My original intention was to make a blog entry with just my impressions of the Harry Potter and the Order of the Phoenix movie, but as I went along constructing my thoughts I realized that almost everything that I wanted to say could be applied in a more general sense to any of the other movies in the series. It's nice how the series has been molded by the hands of two screenwriters and four directors (and counting) but still forms a pretty cohesive whole, at least so far.
I don't even really remember much of the first four Harry Potter movies actually, except that they were generally faithful adaptations of the books. Naturally a whole lot of the source material has to be left behind in the translation to a 2-3 hour movie, that is necessary and forgivable-- and in the case of the fifth movie, preferred. That book had a lot of not-quite-necessary subplots that happily prolong the reading experience, but would just bog down the story in movie form (I'm thinking of Hermione's house elf crusades, Neville's parents at St. Mungo's, Percy's estrangement, etc). The longest Potter book at 896 pages translates into the shortest Potter movie at 138 minutes.
What I do clearly remember from previous movies are the things that were different from my memories of the books. Like the basilisk being Godzilla-sized, Ron's dance lessons from McGonagall, and Dumbledore being batshit pissed at Harry for his name coming out of the Goblet of Fire. I don't know if these are necessarily improvements or whatever, but they stand out in my mind because the books are already so deeply imprinted in my memory.
Sometimes I wish I could just forget everything that I've read so I can judge the movies on their own merits instead of constantly comparing them to my preinstalled mental image. All the while that I'm watching a Harry Potter movie I'm thinking to myself that certain things should be more emphasized, or they should have given more context. I keep worrying that people that haven't read the books are going to be so hopelessly confused. I maintain that the movies work better as visualizations for people who have experienced Harry Potter properly as books, rather than stand-alone experiences for people that haven't read them.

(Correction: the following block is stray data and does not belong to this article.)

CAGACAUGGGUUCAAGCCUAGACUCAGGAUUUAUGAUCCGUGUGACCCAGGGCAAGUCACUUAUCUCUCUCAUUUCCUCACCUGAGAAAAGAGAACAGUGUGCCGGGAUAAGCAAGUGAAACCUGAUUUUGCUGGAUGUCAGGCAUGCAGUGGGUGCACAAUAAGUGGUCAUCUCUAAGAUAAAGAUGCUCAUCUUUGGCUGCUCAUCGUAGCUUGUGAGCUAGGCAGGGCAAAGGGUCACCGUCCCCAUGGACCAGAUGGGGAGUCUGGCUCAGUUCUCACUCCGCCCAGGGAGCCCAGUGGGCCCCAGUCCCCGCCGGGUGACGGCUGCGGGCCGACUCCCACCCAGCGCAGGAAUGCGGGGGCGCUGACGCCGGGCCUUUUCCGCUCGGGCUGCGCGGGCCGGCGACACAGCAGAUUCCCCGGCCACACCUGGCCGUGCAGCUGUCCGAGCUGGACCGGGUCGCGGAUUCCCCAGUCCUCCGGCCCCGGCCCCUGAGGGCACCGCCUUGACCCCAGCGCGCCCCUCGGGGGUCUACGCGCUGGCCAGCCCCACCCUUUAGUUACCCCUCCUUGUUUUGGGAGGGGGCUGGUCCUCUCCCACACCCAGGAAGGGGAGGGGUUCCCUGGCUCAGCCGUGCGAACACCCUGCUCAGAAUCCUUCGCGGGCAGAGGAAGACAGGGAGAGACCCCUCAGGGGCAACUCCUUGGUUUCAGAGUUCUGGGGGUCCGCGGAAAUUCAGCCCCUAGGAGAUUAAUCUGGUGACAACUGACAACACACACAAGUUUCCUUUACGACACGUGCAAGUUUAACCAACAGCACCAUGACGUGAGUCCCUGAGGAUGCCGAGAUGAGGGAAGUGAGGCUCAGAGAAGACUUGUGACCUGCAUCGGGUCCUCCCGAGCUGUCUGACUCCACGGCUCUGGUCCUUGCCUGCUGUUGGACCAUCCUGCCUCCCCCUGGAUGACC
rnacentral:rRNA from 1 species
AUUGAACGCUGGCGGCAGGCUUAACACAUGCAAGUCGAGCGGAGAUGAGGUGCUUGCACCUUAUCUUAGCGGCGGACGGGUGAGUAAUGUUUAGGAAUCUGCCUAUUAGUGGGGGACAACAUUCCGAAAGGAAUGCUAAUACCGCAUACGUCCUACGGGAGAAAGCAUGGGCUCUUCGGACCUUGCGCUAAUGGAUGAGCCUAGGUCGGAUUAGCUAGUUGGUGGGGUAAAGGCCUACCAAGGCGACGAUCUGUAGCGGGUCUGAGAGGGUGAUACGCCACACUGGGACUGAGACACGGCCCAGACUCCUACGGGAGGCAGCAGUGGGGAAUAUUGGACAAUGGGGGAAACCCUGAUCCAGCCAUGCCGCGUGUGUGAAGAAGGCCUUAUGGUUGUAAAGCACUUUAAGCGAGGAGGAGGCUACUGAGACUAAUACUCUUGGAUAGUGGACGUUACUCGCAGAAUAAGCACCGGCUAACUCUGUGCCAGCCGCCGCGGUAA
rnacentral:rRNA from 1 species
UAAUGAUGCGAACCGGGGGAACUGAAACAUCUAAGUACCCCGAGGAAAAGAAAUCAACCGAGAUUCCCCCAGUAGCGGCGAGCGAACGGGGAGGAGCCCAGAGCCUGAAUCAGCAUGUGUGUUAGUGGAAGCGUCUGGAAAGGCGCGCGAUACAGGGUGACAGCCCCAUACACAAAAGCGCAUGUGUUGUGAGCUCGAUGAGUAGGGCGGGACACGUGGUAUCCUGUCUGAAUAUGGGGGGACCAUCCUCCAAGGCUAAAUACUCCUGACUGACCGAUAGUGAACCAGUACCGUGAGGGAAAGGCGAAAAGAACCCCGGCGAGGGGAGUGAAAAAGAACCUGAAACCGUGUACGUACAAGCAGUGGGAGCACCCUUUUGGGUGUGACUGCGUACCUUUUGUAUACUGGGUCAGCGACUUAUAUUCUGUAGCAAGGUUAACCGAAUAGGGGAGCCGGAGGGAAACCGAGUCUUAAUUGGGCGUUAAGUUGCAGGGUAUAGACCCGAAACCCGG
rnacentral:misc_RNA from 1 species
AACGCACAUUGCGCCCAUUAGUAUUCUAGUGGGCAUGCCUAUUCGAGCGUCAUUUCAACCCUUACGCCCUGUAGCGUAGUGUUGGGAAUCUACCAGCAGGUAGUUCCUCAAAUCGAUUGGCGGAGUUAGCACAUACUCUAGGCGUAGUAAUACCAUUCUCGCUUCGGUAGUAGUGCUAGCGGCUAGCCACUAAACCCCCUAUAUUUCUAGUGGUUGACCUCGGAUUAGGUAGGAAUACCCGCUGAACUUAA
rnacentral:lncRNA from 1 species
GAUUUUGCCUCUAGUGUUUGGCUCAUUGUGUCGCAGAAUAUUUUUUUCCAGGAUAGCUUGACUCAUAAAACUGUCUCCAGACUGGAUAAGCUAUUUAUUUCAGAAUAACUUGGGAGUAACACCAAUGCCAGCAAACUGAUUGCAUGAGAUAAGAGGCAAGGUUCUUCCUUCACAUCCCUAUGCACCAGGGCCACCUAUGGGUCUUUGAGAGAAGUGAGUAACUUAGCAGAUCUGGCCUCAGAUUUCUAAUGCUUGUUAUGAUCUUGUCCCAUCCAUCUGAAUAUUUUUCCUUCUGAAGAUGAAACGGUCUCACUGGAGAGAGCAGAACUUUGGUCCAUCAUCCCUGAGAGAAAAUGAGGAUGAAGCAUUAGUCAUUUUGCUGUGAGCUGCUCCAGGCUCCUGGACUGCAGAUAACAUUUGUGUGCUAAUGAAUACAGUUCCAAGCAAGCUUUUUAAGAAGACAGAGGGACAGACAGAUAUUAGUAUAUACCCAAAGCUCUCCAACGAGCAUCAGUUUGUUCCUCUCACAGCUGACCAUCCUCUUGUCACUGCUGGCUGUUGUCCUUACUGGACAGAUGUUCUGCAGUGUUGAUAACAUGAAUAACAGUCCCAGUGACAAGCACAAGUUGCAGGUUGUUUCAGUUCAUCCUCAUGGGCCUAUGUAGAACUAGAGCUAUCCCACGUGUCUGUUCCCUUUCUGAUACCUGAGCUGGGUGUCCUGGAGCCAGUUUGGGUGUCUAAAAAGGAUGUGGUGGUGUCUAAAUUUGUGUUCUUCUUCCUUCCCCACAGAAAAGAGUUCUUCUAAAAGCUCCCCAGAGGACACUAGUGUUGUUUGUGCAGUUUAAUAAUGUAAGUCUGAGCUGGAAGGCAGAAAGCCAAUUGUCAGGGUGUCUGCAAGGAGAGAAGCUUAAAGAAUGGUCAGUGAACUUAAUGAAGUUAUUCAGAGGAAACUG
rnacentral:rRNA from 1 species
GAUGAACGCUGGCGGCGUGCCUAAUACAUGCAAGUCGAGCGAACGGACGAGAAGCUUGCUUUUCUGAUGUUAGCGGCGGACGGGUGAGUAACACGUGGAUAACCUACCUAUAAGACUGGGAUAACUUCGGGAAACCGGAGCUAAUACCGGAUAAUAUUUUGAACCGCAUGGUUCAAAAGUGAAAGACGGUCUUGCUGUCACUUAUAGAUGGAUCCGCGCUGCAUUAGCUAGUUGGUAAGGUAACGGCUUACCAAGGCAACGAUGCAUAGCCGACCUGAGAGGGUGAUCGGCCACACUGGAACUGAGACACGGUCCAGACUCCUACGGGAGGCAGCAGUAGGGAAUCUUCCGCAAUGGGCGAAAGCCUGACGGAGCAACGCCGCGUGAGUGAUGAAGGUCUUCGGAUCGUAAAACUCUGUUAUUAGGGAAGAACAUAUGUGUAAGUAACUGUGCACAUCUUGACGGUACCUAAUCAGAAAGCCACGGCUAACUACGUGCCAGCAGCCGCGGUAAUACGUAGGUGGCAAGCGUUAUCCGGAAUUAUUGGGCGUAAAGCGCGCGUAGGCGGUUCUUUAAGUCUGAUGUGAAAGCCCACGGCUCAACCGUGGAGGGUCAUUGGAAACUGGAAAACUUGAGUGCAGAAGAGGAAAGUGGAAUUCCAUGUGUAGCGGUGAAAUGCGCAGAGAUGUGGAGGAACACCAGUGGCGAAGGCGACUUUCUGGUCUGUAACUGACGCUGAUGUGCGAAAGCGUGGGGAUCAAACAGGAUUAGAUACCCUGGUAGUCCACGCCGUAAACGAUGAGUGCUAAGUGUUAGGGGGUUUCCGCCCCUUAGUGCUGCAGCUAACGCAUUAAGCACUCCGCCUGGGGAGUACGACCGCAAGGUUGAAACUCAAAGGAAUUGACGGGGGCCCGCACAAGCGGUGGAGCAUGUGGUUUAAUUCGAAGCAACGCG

Other observations on Order of the Phoenix: Poor Cho didn't get another word from Harry after the hyped up kissing scene. Umbridge was perfectly cast with her scene stealing mixture of sweetness and cruelty. Luna was weird as she should be but creepier than expected. Overall it is perfectly decent but my least favorite in the series, and I could say the exact same thing for the book.
The day after watching Order of the Phoenix, I watched another movie, Die Hard 4.0 (see my impressions). Now that's a movie made for the movies, and the difference shows. It doesn't have to worry about being faithful to its source material, or setting up essential clues and plot points that'll be used in future sequels. I wonder if it would have turned out as enjoyable if it was based on a hit book with a pre-installed fanbase of millions.